use its traditional function) the complexity of the models can

be avoided, but introducing a lot of manual work on

modifying the inputs.

P=-113.996

Q=-12.005

cosphi=-0.995

P=-31.037

Q=-2.257

cosphi=-0.997

P=106.732

Q=10.187

cosphi=-0.995

P=-105.883

Q=-9.909

cosphi=-0.996

P=87.630

Q=8.096

cosphi=-0.996

P=-86.736

Q=-7.900

cosphi=-0.996

P=68.498

Q=6.091

cosphi=-0.996

P=-67.940

Q=-5.969

cosphi=-0.996

P=49.693

Q=4.158

cosphi=-0.997

P=-49.394

Q=-4.093

cosphi=-0.997

P=31.155

Q=2.283

cosphi=-0.997

Ul=0.375

u=0.938

phiu=-152.260

Ul=0.372

u=0.930

phiu=-152.366

Ul=0.368

u=0.921

phiu=-152.440

Ul=0.365

u=0.913

phiu=-152.500

Ul=0.363

u=0.908

phiu=-152.547

Ul=0.362

u=0.904

phiu=-152.578

T10/0.4

LB1

L12

L23

L34

L45

L56

L67

L78

L89

L910

Skab10 Skab9

Skab8

Skab7 Skab6

Skab5

Skab4

Skab3

Skab2

Skab1

D04

D10

Ext.

P=-122.227

Q=-14.140

cosphi=-0.993

P=-151.098

Q=-21.773

cosphi=-0.990

P=140.459

Q=18.989

cosphi=-0.991

P=-139.082

Q=-18.539

cosphi=-0.991

P=123.326

Q=14.499

cosphi=-0.993

P=-151.098

Q=-21.773

cosphi=-0.990

P=-149.535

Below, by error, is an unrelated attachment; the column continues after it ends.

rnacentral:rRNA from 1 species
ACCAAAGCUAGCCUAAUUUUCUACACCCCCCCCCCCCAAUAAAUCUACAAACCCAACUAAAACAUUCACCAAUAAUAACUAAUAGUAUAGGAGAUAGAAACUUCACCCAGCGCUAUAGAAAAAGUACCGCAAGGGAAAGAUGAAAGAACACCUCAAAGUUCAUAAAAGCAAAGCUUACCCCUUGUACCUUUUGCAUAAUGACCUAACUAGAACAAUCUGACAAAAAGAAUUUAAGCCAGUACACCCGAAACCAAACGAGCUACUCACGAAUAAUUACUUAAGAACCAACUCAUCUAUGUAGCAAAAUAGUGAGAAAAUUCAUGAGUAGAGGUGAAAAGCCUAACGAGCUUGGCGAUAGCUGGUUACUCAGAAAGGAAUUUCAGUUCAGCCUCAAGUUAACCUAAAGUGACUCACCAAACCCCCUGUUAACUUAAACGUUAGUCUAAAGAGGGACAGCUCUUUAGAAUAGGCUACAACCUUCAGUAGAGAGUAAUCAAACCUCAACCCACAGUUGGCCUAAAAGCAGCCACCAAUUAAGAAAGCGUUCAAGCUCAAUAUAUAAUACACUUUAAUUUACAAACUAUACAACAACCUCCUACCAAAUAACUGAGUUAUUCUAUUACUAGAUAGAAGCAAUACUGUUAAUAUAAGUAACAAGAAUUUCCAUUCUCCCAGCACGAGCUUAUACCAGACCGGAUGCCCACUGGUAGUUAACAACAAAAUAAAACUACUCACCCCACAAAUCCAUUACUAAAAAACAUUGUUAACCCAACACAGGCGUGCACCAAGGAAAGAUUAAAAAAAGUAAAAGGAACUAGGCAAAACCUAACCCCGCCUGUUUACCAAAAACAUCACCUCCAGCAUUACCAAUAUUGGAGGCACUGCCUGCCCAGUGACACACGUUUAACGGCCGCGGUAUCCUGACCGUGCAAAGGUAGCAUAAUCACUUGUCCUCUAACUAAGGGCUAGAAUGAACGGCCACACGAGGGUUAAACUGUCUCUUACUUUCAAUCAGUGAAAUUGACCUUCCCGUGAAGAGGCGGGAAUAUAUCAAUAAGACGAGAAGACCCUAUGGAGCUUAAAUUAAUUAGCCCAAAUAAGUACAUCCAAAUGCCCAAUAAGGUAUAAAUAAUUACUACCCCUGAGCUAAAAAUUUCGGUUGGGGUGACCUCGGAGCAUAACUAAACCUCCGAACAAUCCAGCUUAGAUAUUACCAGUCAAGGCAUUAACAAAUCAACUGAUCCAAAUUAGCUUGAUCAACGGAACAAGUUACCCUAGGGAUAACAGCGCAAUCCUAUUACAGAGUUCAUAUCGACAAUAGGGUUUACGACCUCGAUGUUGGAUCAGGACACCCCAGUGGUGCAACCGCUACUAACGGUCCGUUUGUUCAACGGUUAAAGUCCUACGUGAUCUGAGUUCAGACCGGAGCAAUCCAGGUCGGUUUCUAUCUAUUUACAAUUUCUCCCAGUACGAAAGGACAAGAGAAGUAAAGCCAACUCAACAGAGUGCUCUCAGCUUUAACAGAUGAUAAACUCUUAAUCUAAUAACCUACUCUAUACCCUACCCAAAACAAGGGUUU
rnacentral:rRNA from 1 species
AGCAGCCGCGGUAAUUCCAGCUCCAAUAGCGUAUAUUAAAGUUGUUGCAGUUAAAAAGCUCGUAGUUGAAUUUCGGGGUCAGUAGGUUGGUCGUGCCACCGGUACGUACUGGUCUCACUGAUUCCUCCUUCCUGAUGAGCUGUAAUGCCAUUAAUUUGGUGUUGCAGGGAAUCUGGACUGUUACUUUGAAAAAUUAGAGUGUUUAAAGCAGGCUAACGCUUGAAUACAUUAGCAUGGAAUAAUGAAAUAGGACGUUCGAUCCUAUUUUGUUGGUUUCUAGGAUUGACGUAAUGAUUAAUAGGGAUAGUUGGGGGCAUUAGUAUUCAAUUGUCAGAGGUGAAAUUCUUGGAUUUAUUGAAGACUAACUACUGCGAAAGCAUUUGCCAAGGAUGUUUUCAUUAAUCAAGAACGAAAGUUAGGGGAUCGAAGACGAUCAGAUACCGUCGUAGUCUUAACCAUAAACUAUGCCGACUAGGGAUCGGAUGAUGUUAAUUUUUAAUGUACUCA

Q=-21.262

cosphi=-0.990

P=131.824

Q=16.721

cosphi=-0.992

P=-130.589

Q=-16.318

cosphi=-0.992

P=114.96

Q=12.322

cosphi=-0.994

P

=

-1

2

2

.2

2

7

Q

=

-1

4

.1

4

0

c

o

s

p

h

i=

-0

.9

9

3

Ul=0.394

u=0.984

phiu=-151.727

Ul=0.390

u=0.974

phiu=-151.834

Ul=0.386

u=0.964

phiu=-151.941

Ul=0.382

u=0.955

phiu=-152.048

Ul=0.378

u=0.946

phiu=-152.154 U

l=

1

0

.0

0

0

u

=

1

.0

0

0

p

h

iu

=

-0

.0

0

0

Fig. 3. Time series implementation of the load profiles for residential

load (based on Velander correlation (1)), EV load and PV load (distinguished

from the conventional load with a peak power multiplication factor) based on

the load pattern from the aggregated historical data in Denmark.

Fig. 4. a) Comparison between voltage profile of the external grid and

the voltage profiles of the PVs, EVs, base loads and all loads connected at

the last cabinet to the end of the feeders.

Time series simulation provides an overview of the

potential problems (thermal loading and voltage rise in our

case). Based on this the concurrency of a group of units can

be investigated towards less conservative design.

B. Time-series Simulations using Dynamic Models

The dynamic model of the PV System (PV panels and PV

inverter) has been built with standard block components from

the Power Factory library and also using the dynamic

simulation language (DSL). It is based on a single diode

equivalent electrical circuit for the PV model, described by an

exponential equation [9-11]. The model uses the cell